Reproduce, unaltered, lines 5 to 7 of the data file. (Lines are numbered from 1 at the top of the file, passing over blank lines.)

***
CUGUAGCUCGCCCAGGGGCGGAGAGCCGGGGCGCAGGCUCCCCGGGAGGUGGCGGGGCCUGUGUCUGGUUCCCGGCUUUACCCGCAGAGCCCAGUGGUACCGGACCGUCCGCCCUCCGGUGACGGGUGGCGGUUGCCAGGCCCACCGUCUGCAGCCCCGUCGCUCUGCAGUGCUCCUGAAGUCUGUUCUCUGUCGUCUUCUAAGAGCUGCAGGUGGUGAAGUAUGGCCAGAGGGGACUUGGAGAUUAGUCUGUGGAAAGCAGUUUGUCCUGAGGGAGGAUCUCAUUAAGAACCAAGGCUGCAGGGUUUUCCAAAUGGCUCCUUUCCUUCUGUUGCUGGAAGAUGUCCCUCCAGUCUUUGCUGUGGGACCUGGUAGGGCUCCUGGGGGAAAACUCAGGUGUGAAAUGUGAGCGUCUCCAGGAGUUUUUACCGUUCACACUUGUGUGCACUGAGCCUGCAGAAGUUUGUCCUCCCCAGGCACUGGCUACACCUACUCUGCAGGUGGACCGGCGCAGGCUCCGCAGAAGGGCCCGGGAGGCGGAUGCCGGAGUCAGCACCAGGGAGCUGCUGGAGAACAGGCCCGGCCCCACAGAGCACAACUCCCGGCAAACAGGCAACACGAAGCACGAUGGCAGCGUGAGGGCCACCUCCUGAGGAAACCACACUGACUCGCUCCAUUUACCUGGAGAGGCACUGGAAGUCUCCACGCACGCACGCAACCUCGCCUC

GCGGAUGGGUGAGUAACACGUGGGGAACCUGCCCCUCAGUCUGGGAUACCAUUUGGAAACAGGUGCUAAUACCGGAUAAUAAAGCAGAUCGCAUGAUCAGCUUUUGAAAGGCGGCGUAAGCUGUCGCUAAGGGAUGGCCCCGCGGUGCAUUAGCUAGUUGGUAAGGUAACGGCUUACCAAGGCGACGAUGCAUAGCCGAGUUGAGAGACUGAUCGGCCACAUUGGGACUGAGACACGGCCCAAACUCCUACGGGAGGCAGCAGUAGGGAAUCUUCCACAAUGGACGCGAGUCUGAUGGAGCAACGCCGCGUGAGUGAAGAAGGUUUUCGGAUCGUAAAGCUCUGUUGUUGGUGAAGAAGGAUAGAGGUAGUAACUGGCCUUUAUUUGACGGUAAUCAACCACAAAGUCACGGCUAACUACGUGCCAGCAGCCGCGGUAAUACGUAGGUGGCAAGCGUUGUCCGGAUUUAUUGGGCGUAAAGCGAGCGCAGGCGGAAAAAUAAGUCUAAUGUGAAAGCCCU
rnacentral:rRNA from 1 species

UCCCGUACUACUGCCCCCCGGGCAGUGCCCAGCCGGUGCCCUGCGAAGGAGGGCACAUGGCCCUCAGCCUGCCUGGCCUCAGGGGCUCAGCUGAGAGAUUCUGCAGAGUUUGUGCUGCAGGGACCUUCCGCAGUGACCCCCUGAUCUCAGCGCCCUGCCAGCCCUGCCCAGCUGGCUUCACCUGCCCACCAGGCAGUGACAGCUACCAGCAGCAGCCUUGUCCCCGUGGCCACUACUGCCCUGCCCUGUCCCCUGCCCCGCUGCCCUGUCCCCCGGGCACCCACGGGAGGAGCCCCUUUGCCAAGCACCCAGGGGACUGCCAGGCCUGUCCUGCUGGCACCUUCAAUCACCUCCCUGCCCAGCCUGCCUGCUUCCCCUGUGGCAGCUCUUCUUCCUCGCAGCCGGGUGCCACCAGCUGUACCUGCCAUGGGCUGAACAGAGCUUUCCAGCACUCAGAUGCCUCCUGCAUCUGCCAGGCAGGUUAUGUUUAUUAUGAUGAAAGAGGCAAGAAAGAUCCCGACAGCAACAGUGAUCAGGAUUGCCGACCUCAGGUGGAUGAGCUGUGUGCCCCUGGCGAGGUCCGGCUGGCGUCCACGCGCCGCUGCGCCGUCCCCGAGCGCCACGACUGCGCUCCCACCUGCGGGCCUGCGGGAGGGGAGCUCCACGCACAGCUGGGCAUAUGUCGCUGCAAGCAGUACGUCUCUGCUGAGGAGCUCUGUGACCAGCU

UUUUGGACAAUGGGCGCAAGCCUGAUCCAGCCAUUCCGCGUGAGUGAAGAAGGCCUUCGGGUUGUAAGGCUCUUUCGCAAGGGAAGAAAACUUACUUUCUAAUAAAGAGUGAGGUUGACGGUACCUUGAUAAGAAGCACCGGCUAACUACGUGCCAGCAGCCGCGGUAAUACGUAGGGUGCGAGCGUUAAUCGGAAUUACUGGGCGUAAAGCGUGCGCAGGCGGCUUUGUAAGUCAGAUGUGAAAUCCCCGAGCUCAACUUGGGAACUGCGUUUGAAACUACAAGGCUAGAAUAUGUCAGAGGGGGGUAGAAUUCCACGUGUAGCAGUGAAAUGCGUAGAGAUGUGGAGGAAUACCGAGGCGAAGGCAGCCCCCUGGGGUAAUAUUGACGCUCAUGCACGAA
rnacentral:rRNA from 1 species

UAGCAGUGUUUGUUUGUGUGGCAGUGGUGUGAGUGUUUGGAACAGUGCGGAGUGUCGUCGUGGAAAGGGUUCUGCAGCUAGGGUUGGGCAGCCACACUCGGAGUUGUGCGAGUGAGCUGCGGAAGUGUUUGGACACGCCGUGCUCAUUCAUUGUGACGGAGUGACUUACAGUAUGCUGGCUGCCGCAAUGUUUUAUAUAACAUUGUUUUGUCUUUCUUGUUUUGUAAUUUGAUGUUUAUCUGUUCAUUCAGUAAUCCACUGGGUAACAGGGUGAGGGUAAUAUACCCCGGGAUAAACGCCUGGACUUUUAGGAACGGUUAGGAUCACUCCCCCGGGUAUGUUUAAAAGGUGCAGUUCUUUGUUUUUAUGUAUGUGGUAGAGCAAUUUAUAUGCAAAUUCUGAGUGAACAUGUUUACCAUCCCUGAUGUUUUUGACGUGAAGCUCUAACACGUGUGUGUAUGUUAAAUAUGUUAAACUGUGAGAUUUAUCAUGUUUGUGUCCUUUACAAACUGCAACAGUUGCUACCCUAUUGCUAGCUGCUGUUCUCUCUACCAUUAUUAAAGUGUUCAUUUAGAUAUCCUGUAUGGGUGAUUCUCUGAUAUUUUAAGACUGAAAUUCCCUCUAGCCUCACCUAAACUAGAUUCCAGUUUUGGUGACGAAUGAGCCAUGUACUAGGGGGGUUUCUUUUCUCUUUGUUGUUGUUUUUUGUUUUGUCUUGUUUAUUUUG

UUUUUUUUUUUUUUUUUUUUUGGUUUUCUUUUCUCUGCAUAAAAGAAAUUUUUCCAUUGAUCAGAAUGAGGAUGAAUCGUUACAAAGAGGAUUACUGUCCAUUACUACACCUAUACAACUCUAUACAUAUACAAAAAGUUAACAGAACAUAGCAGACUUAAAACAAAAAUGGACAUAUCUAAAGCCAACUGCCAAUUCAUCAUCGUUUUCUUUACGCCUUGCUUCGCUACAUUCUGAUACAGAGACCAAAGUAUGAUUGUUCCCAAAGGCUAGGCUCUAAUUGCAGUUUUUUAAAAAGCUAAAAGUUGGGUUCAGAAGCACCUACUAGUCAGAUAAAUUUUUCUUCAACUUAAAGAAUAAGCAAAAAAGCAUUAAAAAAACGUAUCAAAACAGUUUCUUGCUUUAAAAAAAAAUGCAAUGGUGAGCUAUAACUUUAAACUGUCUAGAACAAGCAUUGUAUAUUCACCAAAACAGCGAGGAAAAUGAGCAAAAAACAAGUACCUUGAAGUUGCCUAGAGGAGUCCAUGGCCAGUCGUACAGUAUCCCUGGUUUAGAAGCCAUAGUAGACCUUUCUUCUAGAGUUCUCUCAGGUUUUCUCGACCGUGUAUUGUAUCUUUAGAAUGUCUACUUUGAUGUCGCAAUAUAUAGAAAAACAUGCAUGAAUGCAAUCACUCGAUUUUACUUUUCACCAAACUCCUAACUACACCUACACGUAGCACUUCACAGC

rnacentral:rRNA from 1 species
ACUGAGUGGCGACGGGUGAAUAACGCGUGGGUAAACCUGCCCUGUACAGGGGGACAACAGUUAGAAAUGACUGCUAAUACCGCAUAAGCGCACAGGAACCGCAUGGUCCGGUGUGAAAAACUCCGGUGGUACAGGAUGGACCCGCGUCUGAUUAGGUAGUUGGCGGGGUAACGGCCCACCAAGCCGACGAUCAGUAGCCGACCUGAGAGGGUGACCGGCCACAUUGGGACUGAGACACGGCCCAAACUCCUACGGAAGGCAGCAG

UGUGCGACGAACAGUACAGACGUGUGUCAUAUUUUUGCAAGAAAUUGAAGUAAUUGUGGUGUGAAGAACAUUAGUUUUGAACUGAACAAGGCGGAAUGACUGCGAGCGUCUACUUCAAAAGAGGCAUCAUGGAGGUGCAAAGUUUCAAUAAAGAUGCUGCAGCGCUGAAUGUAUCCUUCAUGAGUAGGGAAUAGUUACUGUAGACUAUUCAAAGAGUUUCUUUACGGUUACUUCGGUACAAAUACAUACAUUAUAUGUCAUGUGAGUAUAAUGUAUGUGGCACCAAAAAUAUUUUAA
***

UUUUGGACAAUGGGCGCAAGCCUGAUCCAGCCAUUCCGCGUGAGUGAAGAAGGCCUUCGGGUUGUAAGGCUCUUUCGCAAGGGAAGAAAACUUACUUUCUAAUAAAGAGUGAGGUUGACGGUACCUUGAUAAGAAGCACCGGCUAACUACGUGCCAGCAGCCGCGGUAAUACGUAGGGUGCGAGCGUUAAUCGGAAUUACUGGGCGUAAAGCGUGCGCAGGCGGCUUUGUAAGUCAGAUGUGAAAUCCCCGAGCUCAACUUGGGAACUGCGUUUGAAACUACAAGGCUAGAAUAUGUCAGAGGGGGGUAGAAUUCCACGUGUAGCAGUGAAAUGCGUAGAGAUGUGGAGGAAUACCGAGGCGAAGGCAGCCCCCUGGGGUAAUAUUGACGCUCAUGCACGAA
rnacentral:rRNA from 1 species

UAGCAGUGUUUGUUUGUGUGGCAGUGGUGUGAGUGUUUGGAACAGUGCGGAGUGUCGUCGUGGAAAGGGUUCUGCAGCUAGGGUUGGGCAGCCACACUCGGAGUUGUGCGAGUGAGCUGCGGAAGUGUUUGGACACGCCGUGCUCAUUCAUUGUGACGGAGUGACUUACAGUAUGCUGGCUGCCGCAAUGUUUUAUAUAACAUUGUUUUGUCUUUCUUGUUUUGUAAUUUGAUGUUUAUCUGUUCAUUCAGUAAUCCACUGGGUAACAGGGUGAGGGUAAUAUACCCCGGGAUAAACGCCUGGACUUUUAGGAACGGUUAGGAUCACUCCCCCGGGUAUGUUUAAAAGGUGCAGUUCUUUGUUUUUAUGUAUGUGGUAGAGCAAUUUAUAUGCAAAUUCUGAGUGAACAUGUUUACCAUCCCUGAUGUUUUUGACGUGAAGCUCUAACACGUGUGUGUAUGUUAAAUAUGUUAAACUGUGAGAUUUAUCAUGUUUGUGUCCUUUACAAACUGCAACAGUUGCUACCCUAUUGCUAGCUGCUGUUCUCUCUACCAUUAUUAAAGUGUUCAUUUAGAUAUCCUGUAUGGGUGAUUCUCUGAUAUUUUAAGACUGAAAUUCCCUCUAGCCUCACCUAAACUAGAUUCCAGUUUUGGUGACGAAUGAGCCAUGUACUAGGGGGGUUUCUUUUCUCUUUGUUGUUGUUUUUUGUUUUGUCUUGUUUAUUUUG